By Lisa Seachrist Chiu
Getting the Word Out
Countries are personalizing their anti-smoking messages
By Lisa Seachrist Chiu
The world over, no other consumer product kills as many people as tobacco. That message seems simple to convey. But the 140 countries that recently ratified the World Health Organization’s Framework on Tobacco Control are taking very different tacks to meet the treaty’s requirements to reduce tobacco use.
In India, a creative campaign headed by the nonprofit Cancer Patients’ Aid Association (CPAA) is seeking a legislative ban on smoking in television programs and film, says Y. K. Sapru, the organization’s founding chairman and chief executive officer. The country prohibited all tobacco advertising, smoking in public places, and tobacco sales to minors in 2003, but advertising sneaks into television shows and films when characters smoke or chew tobacco. The prevalence of tobacco use is high and rising: 53 percent of college students in Mumbai smoke, and more sixth-graders use tobacco than eighth-graders.
Several famous actors from India’s Bollywood film industry have joined CPAA’s entertainment-oriented efforts by asking directors and producers to reduce or eliminate smoking scenes. Actor Vivek Oberoi denied the tobacco company Godfrey Phillips India positive publicity by returning an award for his work with tsunami victims. And, according to Sapru, three-minute films featuring Bollywood stars who gave up smoking “are among our most successful anti-smoking campaigns.”
CPAA-sponsored lectures presented in schools, colleges, corporations and poor neighborhoods include celebrities, who tell audiences that they don’t use tobacco or make friends with people who do. Says Sapru, “They make the point that attractive men and women don’t select partners who use tobacco.”
Coupled with help from Bollywood are a series of print advertisements produced by CPAA that have won international acclaim. One particularly striking ad features the Marlboro Man standing next to his fallen horse with the caption “Secondhand smoke kills.” Sapru admits, however, that these ads have been more effective in foreign countries. “We’ve had better success in India using models, actresses and actors,” he says.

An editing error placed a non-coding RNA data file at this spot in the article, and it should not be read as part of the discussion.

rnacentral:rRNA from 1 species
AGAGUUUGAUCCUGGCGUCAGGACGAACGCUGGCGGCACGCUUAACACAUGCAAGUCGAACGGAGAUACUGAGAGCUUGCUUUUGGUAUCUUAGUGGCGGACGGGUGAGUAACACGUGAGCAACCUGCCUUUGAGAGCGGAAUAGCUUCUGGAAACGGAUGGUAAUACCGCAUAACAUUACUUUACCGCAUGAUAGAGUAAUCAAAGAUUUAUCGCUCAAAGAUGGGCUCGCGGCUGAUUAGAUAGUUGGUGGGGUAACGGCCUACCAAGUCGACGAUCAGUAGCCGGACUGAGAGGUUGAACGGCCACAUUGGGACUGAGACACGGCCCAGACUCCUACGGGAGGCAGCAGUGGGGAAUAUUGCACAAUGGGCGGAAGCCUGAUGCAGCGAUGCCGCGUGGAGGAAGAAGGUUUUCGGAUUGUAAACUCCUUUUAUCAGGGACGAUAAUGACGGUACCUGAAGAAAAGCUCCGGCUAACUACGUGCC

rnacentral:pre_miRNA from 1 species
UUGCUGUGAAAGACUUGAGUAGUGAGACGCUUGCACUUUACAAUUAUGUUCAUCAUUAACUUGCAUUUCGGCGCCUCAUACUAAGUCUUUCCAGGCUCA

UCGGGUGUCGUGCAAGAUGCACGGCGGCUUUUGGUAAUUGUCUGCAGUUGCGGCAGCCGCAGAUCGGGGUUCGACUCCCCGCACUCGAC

Brazil, the world’s third largest producer of tobacco, has employed a combination of graphic advertising, education and treatment to spur a remarkable decline in tobacco use. Over the past 15 years, the country has seen its smoking rate plummet from approximately 32 percent to roughly 25 percent, according to Paula Johns, a coordinator of the São Paulo–based Alliance for Tobacco Control (ACT), a coalition of nongovernmental, medical and scientific organizations.
“It’s been huge progress,” says Johns. “Unlike other countries, in Brazil the anti-smoking movement was initiated by very committed people in the government.”
Building on a similar Canadian effort, Brazilian cigarette packages include shocking images. Since 2002, the packs have featured amputees suffering from smoking-related circulatory problems, a premature baby stuck full of tubes, and a cigarette that dangles limp ash with the message that smoking causes sexual impotence. The images have had an effect: Smokers who saw them said they were more likely to try to stop smoking as a result, says Johns. A 2002 survey of smoking adults indicated that 70 percent thought the images would prevent people from starting to smoke and 67 percent said the images made them want to quit.
“Our children have a lot of information about smoking,” adds Silvia Cury Ismael, a psychologist and coordinator of an anti-smoking campaign for the Brazilian Cardiology Society, which provides educational information about the consequences of smoking. “They are learning very early what cigarette smoking can do.” Cury also notes that Brazil’s national health plan will pay for smoking cessation programs, though the funds aren’t adequate to treat all smokers.
There’s probably no country more associated with an after-dinner smoke than France. Still, this past October, France joined the ranks of Ireland, Italy, Sweden and the U.K. when French Prime Minister Dominique de Villepin issued a decree banning smoking in public spaces. Starting in February, smoking will be prohibited in all offices and shops. Cafes, restaurants and bars become smoke-free next January. The new ban bolsters a groundbreaking, but largely ignored, 1991 law that provided for separate smoking areas in restaurants and bars.
“Smoking is the greatest preventable cause of premature death and ill health in France,” says anti-smoking advocate Yves Bur, a member of the French parliament. “The government has a well-developed tobacco-control program in place. But everyone in government and the tobacco-control community agree the only solution was to extend smoke-free environments.”
Despite France’s identification with smoky cafes, several surveys—the most recent in February 2006—have shown that roughly 80 percent of the population approves of a public-smoking ban. Even so, Bur notes that before any restrictions can be introduced, the French government will implement campaigns to raise awareness further about the health risks of secondhand smoke.
Establishments will be allowed to provide smoking areas that have self-contained ventilation systems, but that doesn’t mean these areas will be pleasant, says Bur. Only customers may enter the rooms: Waiters, busboys and housekeeping staff will not work in smoking areas.
A similar plan worked in Italy, Bur says. “Only 2 percent of the bars and restaurants chose to convert sections to smoking areas. It seems that most of the French professionals are not very interested in it either.”
“I know that many Americans and other visitors were waiting for a nonsmoking France,” Bur adds. “I hope that very soon we will welcome them back in smoke-free cafes, bars and restaurants to enjoy our new way of life.”